Human growth hormone helps small kids grow, but some call its wider use shortsighted.
BY CECILIA CAPUZZI SIMON, The Washington Post, September 30, 2003 >>
In the mid-1950s, scientists figured out how to extract human growth hormone from the dead, taking it from the pituitary glands of cadavers and injecting it into small children to make them grow. It was a rare and precious substance, doled out only to the neediest children, those whose bodies were deficient in the hormone.
Then, 18 years ago, bioengineered growth hormone became available in abundance. Pharmaceutical companies began to produce it, creating a billion-dollar market serving hormone-deficient children and adults and children with four other conditions that stunt growth -- about 200,000 patients worldwide. But use of the hormone was still limited to those with diagnosable medical conditions.
That changed in July, when the Food and Drug Administration (FDA) gave approval to Eli Lilly and Co. to market Humatrope, its brand of human growth hormone (HGH), to unusually short but apparently healthy children.
From supporters' point of view, this will help streamline access to the drug for up to 400,000 U.S. children with idiopathic -- meaning, of unknown cause -- short stature (ISS), who were routinely denied treatment or insurance coverage for HGH because doctors could not diagnose an underlying medical cause of their growth problems.
But Eli Lilly's findings show that ISS kids on an HGH regimen similar to that used in growth hormone deficiency can add an average three inches to their final adult height. (Hormone-deficient kids typically show more growth.)
This should help children like Spencer Davies of Mauston, Wis. At 6 years old, he was as small as his 2-year-old sister. Doctors didn't know what caused his abnormal growth, though clearly something was wrong. After 18 months of HGH therapy, he has grown four inches.
It may also help kids like 14-year-old Annie Harms of International Falls, Minn. In second grade, she was smaller than most kindergartners. Her severe short stature also baffled doctors. She had no obvious underlying medical condition, but her lack of growth caused urinary tract problems that resulted in years of constant infection. Her projected adult height had been 4 feet 9 inches. Now on HGH, she is expected to grow to 5 feet 2 inches.
Davies and Harms received HGH after the dogged efforts of their parents and doctors, who diligently charted the children's growth and medical conditions and petitioned pharmaceutical companies and insurers for coverage.
Treating ISS kids is nothing new -- some 10,000 in the United States had received HGH before the July ruling. Any doctor can prescribe it, but drug companies have set tight restrictions on its distribution for children, generally making it available only through pediatric endocrinologists and only to patients with severe short stature whose doctors have made a strong medical case for treatment, according to David Allen, director of endocrinology at the University of Wisconsin Children's Hospital in Madison.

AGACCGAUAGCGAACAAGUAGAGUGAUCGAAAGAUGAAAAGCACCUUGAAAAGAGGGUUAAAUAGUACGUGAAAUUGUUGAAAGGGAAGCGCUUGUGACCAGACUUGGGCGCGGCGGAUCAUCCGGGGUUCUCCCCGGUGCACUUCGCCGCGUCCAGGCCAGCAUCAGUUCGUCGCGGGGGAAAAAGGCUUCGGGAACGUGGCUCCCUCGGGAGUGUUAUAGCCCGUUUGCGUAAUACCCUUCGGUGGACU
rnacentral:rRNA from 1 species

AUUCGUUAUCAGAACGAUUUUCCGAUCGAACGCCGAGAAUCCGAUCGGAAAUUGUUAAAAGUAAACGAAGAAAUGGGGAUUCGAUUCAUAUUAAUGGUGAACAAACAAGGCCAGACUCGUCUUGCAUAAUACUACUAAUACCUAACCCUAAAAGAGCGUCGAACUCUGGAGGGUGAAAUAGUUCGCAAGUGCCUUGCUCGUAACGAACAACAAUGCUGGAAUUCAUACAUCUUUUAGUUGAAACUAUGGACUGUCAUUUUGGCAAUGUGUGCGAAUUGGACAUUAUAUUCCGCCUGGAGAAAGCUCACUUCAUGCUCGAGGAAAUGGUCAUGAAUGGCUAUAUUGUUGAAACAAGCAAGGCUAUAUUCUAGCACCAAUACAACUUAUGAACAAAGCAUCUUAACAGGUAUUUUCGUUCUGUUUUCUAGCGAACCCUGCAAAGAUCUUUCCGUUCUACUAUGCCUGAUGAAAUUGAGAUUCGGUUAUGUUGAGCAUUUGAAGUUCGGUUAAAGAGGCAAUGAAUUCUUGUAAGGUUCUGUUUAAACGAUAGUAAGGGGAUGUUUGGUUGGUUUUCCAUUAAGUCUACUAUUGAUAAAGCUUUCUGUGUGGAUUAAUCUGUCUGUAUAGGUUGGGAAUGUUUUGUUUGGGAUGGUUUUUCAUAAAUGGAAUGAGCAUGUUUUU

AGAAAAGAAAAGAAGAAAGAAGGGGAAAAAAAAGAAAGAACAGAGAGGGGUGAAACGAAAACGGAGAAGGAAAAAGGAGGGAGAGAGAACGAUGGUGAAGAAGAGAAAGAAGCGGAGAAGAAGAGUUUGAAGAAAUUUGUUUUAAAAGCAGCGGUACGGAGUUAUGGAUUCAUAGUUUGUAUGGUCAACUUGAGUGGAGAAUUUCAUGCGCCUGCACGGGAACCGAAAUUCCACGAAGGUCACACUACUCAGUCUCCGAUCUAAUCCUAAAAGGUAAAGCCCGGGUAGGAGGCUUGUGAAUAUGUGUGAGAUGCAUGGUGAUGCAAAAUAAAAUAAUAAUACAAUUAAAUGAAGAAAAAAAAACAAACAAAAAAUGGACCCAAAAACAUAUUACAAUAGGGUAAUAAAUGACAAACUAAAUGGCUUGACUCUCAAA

Athletes who use HGH to build muscles and strength, and baby boomers who believe it has anti-aging benefits have an easier time getting the hormone. Doctors at anti-aging clinics, for example, prescribe it to patients able and willing to pay for it. HGH can also be purchased over the Web. As Allen explains, "Adults are a lot more resourceful than kids in getting what they want."
While there is evidence that HGH builds muscle mass and reduces fat in non-deficient adults, it can have side effects including edema, insulin resistance and joint pain. "People who take it do so at their own risk and peril," says Pinchas Cohen, chief of pediatric endocrinology at the University of California, Los Angeles (UCLA).
The HGH protocol for children is not undertaken casually. It usually consists of six-per-week injections at a cost of $20,000 to $40,000 annually; for ISS kids, insurance coverage for HGH treatment is unpredictable. Side effects are rare, but they include an increased risk of diabetes, abnormal bone growth in the hip, breast budding in boys and intracranial pressure. Less is known about longer-term risks of HGH, especially in ISS kids.
Not everyone is pleased by the FDA's decision. Some pediatric endocrinologists, whose professional society had recently taken a position against HGH therapy for ISS kids, expressed shock after the decision. Even some on the FDA advisory panel who voted in favor of the new policy were discomfited.